EXCLUSIVE: Your ultimate guide to a complete microbiome makeover

Take it from someone who wrote the book on the subject (literally): Most of what you’re reading about gut health these days is wrong.

And that’s putting it nicely. I published Boost Your Health with Bacteria years before the concept of gut health was trendy. And even then, I knew that with the fast pace of research—not to mention the amount of hype flying around—it was really only a matter of time before misinformation started to destroy the message at hand.

My aim in this two-part series is to help you cut through all the hype and understand what’s really triggering your imbalanced microbiome. The goal is to help you get back to the basics so that you can heal your gut—and optimize your overall health—from the inside out.

And today, we’re specifically going to focus on the monumental role diet plays in the state of your microbiome.

But first, I want to talk about why the health of your microbiome needs to become a top priority in your life—starting now.

Good health starts in your gut

It may be the trendy topic du jour, but the laser focus on gut health is definitely necessary. Because I’m not exaggerating when I call it one of the main drivers of your health.

For one, it’s obvious that many Americans struggle to balance their microbiomes. The alarming rise in the diagnosis of various digestive disorders perfectly illustrates this point. (I’ll touch on some of these in just a moment.)

Simply put, the state of our insides has turned into a true health crisis. Some of my patients who’ve come to me for help with an off-kilter microbiome have told me how much of an impact this has had on their quality of life.

For many, an unhealthy gut dictated their day-to-day happenings (limiting what and when they could eat, requiring a close proximity to a bathroom at all times, etc.).

But the fact is, your gut  does so much more than digest the food you eat. It helps your body process and absorb critical nutrients. It generates approximately 80 percent of your immune cells. And it also produces brain neurotransmitters—like serotonin—that keep you happy.

In short, your gut helps to keep things running in tip-top shape… It truly is your “second brain.” And when you don’t care for it, the health implications are serious.

That’s because an imbalanced microbiome is a hotbed of inflammation. And if you’ve been a reader of mine for a while now, you know that inflammation leads directly to chronic illness.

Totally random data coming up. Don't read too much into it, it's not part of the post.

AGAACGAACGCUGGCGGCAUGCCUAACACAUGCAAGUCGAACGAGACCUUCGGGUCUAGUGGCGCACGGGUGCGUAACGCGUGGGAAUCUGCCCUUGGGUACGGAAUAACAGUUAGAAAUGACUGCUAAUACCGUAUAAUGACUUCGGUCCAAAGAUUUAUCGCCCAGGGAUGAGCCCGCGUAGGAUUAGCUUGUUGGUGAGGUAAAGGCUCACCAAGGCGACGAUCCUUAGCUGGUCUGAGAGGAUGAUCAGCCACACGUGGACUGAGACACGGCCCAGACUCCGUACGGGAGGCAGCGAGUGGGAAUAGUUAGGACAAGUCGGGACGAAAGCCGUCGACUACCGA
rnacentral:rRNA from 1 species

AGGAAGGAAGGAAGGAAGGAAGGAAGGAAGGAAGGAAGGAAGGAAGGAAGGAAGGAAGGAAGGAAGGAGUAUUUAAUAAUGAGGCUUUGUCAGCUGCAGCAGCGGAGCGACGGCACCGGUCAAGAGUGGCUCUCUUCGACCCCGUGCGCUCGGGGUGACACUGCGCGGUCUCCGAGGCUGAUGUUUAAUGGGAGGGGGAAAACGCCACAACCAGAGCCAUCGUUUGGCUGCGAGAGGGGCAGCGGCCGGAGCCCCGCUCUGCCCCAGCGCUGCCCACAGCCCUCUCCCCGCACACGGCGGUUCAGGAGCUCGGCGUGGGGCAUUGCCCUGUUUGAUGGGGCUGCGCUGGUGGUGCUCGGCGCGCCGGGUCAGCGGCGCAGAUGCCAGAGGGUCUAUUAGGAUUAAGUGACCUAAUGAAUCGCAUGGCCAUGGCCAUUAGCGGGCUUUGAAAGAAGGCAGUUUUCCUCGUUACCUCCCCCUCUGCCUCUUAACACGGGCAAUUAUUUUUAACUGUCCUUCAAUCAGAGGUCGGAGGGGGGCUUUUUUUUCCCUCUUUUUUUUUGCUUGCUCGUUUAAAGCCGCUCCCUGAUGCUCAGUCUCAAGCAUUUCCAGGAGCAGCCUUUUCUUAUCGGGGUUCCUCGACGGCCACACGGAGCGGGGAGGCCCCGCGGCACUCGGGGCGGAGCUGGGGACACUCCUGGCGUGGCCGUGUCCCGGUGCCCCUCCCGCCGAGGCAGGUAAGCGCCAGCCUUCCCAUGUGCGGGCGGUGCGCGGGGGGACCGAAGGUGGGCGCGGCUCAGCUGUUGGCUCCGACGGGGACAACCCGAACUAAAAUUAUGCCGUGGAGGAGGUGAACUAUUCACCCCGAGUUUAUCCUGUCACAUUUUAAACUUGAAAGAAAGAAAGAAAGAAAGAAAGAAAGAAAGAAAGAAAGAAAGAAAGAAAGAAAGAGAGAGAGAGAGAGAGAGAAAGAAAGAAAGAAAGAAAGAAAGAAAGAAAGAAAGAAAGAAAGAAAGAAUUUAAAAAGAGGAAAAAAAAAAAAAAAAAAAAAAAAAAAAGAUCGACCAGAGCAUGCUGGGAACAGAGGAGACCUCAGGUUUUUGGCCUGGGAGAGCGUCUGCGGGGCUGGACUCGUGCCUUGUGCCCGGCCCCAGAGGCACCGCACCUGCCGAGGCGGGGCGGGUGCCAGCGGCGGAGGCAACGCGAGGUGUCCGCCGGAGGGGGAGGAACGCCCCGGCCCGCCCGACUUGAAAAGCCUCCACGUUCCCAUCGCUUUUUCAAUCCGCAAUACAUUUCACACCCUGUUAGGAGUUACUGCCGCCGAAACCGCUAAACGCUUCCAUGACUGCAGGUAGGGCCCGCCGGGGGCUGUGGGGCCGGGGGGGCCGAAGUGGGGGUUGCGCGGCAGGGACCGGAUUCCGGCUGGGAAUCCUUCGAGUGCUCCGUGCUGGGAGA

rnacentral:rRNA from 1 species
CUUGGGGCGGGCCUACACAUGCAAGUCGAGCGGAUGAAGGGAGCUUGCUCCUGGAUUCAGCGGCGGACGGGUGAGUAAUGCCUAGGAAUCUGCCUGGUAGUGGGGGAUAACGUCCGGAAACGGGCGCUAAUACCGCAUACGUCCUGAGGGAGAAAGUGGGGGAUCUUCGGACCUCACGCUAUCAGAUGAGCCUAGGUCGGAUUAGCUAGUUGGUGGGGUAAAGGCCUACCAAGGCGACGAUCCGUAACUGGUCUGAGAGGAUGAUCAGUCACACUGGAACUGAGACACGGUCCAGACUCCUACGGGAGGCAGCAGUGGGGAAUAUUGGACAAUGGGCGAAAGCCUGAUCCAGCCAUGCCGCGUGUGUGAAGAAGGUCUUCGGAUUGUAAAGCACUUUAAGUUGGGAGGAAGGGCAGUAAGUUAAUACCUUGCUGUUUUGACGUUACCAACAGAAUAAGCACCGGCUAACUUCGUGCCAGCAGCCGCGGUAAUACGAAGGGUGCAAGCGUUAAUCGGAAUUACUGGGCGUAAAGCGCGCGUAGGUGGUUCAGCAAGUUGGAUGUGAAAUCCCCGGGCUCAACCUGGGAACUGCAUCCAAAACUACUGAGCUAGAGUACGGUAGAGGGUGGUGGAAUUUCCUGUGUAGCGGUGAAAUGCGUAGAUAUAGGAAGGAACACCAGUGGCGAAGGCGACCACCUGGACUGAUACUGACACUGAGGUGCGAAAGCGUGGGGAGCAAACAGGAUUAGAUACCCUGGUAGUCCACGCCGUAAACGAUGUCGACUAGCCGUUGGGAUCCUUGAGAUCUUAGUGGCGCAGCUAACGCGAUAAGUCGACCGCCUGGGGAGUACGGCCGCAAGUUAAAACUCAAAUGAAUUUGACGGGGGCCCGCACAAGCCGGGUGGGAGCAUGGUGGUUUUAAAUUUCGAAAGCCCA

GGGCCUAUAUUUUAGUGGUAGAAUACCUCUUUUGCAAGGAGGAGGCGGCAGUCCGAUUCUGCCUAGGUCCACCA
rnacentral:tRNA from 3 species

So if your gut is compromised, you’ll ultimately have a lot more to contend with than just digestive symptoms like IBS, bloating, constipation, or colitis.

You’ll also be at a dramatically higher risk of conditions like eczema, psoriasis, diabetes, heart disease, osteoporosis, obesity, and even cancer.

And those are just a few of the potential consequences, all of which trace back to microbiome imbalance. From fatigue to brain fog to insomnia… to nagging aches and pains.

The list is literally endless. And if you’ve got a health concern, chances are good that your gut bacteria are both a part of the problem and the solution.

The biggest microbiome mistake you can make

There are plenty of reasons why Americans’ microbiomes are in peril… but hands down, the biggest microbiome mistake you can make is following the Standard American Diet (SAD).1

People are eating too many processed foods, GMO-laced grains, pesticide-covered produce, and way too much sugar. And they’re not getting nearly enough healthy fats, high-quality fiber, or absorbable nutrients. (I’ll talk more specifically about these dietary factors later on.)

Research shows that simple sugars erode bacterial diversity. (And as I’ve said time and again, when it comes to your microbiome, diversity in your gut flora is the key to good health.) High starch and high fructose foods also provide a breeding ground for dysbiosis, an imbalance in gut flora.

Food additives are also linked to inflammation-producing bacterial overgrowth—as are the advanced glycation end-products (AGEs) that result from industrial food processing. And when you pair that with a high intake of antibiotic-loaded, factory farmed animal products, it’s easy to spot the problem.

But what the typical Western diet doesn’t feature is just as important—specifically, an abundance of whole foods, polyphenols, and healthy fats.

Mainstream discussions about feeding the microbiome almost always make two critical mistakes. First, they put high protein and high fat intake on the “black list,” along with excessive sugar consumption. And second, they do this without any regard for the quality of the protein and the fat consumed—when in fact, these are essential to good health. That is,  when they come from the right sources.

As a result, low-carb diets have been dismissed as a disaster for your microbiome. And a handful of dietary myths about how to best feed your body’s bacterial population continue to persist. So let me address a couple of those tall tales now.

A healthy microbiome doesn’t run on yogurt

Those popular “probiotic-packed” yogurts are pretty much the last thing you want to put in your body. That’s because they’re usually packed with processed sugars. Which negates any potential benefit those good bacteria might have had, by instead providing bad bacteria and yeast with their favorite food.

In my opinion, there are much better ways to get active cultures into your diet without having to rely on these types of foods.

I’ll talk more about this in just a moment. But for now, I want to bust one more digestive health myth. And that’s the notion that grains are somehow necessary for a healthy gut.

It’s easy to see where this misconception comes from. Because the truth is, fermentable fiber is important. And here’s what I mean by that.

Fiber is by its very nature undigestible—we don’t have enzymes to break it down, and fiber-rich foods pass through the digestive tract more or less whole. This makes it the perfect food for microbes in your gut.

The natural fermentation process that occurs when fiber moves through your system produces all kinds of beneficial byproducts—like short-chain fatty acids, butyrate, propionate, and acetate—which provide energy and integrity to the cells lining your gut. This not only improves digestion, but it keeps harmful bacteria out and food particles in, where they belong.